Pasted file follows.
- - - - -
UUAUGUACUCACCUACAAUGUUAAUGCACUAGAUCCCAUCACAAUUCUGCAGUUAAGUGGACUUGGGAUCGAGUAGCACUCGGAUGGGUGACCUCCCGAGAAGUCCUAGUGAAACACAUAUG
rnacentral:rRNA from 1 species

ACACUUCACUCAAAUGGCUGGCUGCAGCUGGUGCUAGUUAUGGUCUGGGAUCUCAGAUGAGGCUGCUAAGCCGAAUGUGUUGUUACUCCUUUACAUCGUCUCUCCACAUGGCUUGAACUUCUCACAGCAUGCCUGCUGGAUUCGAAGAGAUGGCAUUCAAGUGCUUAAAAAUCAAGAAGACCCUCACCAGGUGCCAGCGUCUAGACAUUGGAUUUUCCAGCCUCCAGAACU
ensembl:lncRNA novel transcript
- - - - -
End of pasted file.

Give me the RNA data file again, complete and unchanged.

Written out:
UUAUGUACUCACCUACAAUGUUAAUGCACUAGAUCCCAUCACAAUUCUGCAGUUAAGUGGACUUGGGAUCGAGUAGCACUCGGAUGGGUGACCUCCCGAGAAGUCCUAGUGAAACACAUAUG
rnacentral:rRNA from 1 species

ACACUUCACUCAAAUGGCUGGCUGCAGCUGGUGCUAGUUAUGGUCUGGGAUCUCAGAUGAGGCUGCUAAGCCGAAUGUGUUGUUACUCCUUUACAUCGUCUCUCCACAUGGCUUGAACUUCUCACAGCAUGCCUGCUGGAUUCGAAGAGAUGGCAUUCAAGUGCUUAAAAAUCAAGAAGACCCUCACCAGGUGCCAGCGUCUAGACAUUGGAUUUUCCAGCCUCCAGAACU
ensembl:lncRNA novel transcript